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Benralizumab improves health-related quality of life in severe eosinophilic asthma

Lancet Respiratory Medicine
Reuters Health - 15/01/2021 -Results of a phase-3b trial confirm and extend the efficacy of benralizumab for patients with severe eosinophilic asthma, showing early and sustained improvements in patient-reported outcomes, lung function, asthma control, and disease-specific health-related quality of life.

Benralizumab (Fasenra, AstraZenecca) is an antieosinophil humanized monoclonal antibody that selectively targets the interleukin-5 receptor expressed on the surface of eosinophils.

It was approved in the US in 2017 based on phase-3 studies demonstrating improvements in multiple asthma clinical outcomes, including exacerbation rate and asthma symptoms for patients with poorly controlled severe eosinophilic asthma.

"The ANDHI phase 3b study increases confidence in the benralizumab mechanism of action for treating patients with severe eosinophilic asthma through further assessment of the onset and maintenance of clinical effects, benefits in health-related quality of life (HRQOL) measures, and the potential to treat symptoms of nasal polyposis for patients with chronic rhinosinusitis with nasal polyposis," Dr. Tim Harrison of the University of Nottingham, in the UK, and colleagues explain in The Lancet Respiratory Medicine.

The study enrolled 656 patients with severe eosinophilic asthma (blood eosinophil count at least 150 cells per uL) with 427 receiving benralizumab at 30 mg every eight weeks (first three doses given four weeks apart) and 229 receiving matching placebo for 24 weeks.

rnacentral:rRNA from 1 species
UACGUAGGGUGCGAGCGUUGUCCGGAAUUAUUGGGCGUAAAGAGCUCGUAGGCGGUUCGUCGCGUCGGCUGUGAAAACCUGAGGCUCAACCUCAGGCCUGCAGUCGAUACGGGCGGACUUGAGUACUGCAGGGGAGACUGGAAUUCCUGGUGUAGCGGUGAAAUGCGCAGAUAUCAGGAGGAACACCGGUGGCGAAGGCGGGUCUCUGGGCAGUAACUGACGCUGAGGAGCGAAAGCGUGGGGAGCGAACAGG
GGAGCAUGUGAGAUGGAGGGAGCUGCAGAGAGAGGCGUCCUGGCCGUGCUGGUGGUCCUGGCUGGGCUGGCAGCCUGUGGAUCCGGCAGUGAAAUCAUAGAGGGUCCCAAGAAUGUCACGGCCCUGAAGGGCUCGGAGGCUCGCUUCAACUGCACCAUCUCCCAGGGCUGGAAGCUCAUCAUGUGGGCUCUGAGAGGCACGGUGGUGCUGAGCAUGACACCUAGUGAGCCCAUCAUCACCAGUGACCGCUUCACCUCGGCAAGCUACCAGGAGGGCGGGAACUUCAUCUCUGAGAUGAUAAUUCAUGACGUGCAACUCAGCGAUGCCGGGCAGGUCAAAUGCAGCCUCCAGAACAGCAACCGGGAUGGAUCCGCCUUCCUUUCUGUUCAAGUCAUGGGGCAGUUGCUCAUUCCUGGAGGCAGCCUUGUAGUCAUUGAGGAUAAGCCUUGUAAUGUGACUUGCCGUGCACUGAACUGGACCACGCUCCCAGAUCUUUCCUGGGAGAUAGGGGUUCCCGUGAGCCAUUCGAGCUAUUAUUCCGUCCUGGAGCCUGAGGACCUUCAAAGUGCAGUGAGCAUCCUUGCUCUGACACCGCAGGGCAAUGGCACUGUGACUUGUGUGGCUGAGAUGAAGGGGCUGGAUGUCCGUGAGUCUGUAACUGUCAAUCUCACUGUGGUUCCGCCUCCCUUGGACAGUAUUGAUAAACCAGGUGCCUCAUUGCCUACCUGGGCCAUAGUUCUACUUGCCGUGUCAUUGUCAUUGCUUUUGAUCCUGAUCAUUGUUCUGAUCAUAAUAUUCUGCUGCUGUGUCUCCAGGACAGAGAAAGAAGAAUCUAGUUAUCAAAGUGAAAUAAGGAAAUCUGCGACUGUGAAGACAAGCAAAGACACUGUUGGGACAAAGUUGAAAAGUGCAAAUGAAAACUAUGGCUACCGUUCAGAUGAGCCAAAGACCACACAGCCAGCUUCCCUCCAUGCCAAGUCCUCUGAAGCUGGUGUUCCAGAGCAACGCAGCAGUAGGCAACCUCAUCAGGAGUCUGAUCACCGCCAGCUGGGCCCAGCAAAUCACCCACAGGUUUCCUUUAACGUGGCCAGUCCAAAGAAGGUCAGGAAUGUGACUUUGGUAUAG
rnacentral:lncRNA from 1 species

Baseline annualized asthma exacerbation rates were similar (3.2 in the benralizumab group and 3.1 in the placebo group).

Over 24 weeks, treatment with benralizumab led to a significant 49% reduction in the risk of asthma exacerbation, the primary efficacy measure, compared with placebo (rate ratio estimate, 0.51; P<0.0001), the researchers report.

Benralizumab also led to "clinically meaningful and statistically significant" improvement in the St. George's Respiratory Questionnaire (SGRQ) total score (least squares mean change from baseline, -8.11; P<0.0001), the key secondary endpoint, they note.

Improvements at week 24 with benralizumab were also noted for forced expiratory volume in one second (FEV1), peak expiratory flow (PEF), Asthma Control Questionnaire 6 (ACQ-6) and clinician and patient global impression of change, with between-group differences observed as early as weeks one to four.

In addition, the study provides preliminary evidence of a beneficial effect of benralizumab on chronic rhinosinusitis symptoms in patients with asthma with nasal polyposis. A phase-3 confirmatory study of benralizumab treatment for patients with nasal polyposis (with or without asthma) is underway.

Adverse events such as headache, nasopharyngitis, sinusitis, pyrexia, and bronchitis were reported in 63 % of patients who received benralizumab and 62% of patients who received placebo. Mirroring prior studies, benralizumab was generally well tolerated with only six (1%) of 427 patients discontinuing treatment due to adverse events.

Dr. Harrison did not respond to a request for comment by press time.

AstraZeneca funded the trial. Several authors have financial relationships with the company.

SOURCE: https://bit.ly/3pOTc8U Lancet Respiratory Medicine, online December 22, 2020.

By Reuters Staff

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